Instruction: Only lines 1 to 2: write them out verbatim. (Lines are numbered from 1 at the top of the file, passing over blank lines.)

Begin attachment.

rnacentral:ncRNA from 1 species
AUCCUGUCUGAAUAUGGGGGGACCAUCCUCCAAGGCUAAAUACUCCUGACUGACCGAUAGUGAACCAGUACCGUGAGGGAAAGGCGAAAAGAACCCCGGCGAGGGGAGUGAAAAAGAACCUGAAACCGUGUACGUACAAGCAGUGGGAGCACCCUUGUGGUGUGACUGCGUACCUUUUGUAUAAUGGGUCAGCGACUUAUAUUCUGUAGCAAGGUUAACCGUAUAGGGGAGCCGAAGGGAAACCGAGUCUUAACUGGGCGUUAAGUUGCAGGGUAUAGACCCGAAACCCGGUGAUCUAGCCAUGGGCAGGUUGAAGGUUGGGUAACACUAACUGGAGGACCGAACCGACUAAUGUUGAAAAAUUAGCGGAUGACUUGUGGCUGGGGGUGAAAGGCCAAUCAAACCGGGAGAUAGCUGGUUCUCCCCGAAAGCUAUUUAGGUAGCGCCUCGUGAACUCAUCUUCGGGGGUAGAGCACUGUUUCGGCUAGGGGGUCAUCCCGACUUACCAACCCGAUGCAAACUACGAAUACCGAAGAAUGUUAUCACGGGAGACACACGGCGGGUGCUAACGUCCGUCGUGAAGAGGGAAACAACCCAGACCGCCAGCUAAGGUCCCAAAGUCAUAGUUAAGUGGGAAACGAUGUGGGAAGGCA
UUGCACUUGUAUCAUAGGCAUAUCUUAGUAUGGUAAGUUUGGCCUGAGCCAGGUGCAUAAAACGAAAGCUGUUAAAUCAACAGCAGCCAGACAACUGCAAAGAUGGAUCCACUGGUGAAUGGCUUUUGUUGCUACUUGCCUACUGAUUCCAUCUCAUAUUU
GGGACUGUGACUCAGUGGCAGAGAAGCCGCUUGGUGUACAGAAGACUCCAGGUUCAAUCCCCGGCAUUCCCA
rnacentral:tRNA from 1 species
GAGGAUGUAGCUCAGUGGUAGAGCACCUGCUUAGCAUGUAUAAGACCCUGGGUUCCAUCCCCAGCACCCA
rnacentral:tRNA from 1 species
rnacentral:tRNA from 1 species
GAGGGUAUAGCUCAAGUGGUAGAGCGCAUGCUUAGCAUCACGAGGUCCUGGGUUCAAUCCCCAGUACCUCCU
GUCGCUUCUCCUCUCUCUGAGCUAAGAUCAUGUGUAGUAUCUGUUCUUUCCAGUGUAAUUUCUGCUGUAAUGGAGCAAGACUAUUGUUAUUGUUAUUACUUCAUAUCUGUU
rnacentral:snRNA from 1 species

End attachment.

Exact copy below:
rnacentral:ncRNA from 1 species
AUCCUGUCUGAAUAUGGGGGGACCAUCCUCCAAGGCUAAAUACUCCUGACUGACCGAUAGUGAACCAGUACCGUGAGGGAAAGGCGAAAAGAACCCCGGCGAGGGGAGUGAAAAAGAACCUGAAACCGUGUACGUACAAGCAGUGGGAGCACCCUUGUGGUGUGACUGCGUACCUUUUGUAUAAUGGGUCAGCGACUUAUAUUCUGUAGCAAGGUUAACCGUAUAGGGGAGCCGAAGGGAAACCGAGUCUUAACUGGGCGUUAAGUUGCAGGGUAUAGACCCGAAACCCGGUGAUCUAGCCAUGGGCAGGUUGAAGGUUGGGUAACACUAACUGGAGGACCGAACCGACUAAUGUUGAAAAAUUAGCGGAUGACUUGUGGCUGGGGGUGAAAGGCCAAUCAAACCGGGAGAUAGCUGGUUCUCCCCGAAAGCUAUUUAGGUAGCGCCUCGUGAACUCAUCUUCGGGGGUAGAGCACUGUUUCGGCUAGGGGGUCAUCCCGACUUACCAACCCGAUGCAAACUACGAAUACCGAAGAAUGUUAUCACGGGAGACACACGGCGGGUGCUAACGUCCGUCGUGAAGAGGGAAACAACCCAGACCGCCAGCUAAGGUCCCAAAGUCAUAGUUAAGUGGGAAACGAUGUGGGAAGGCA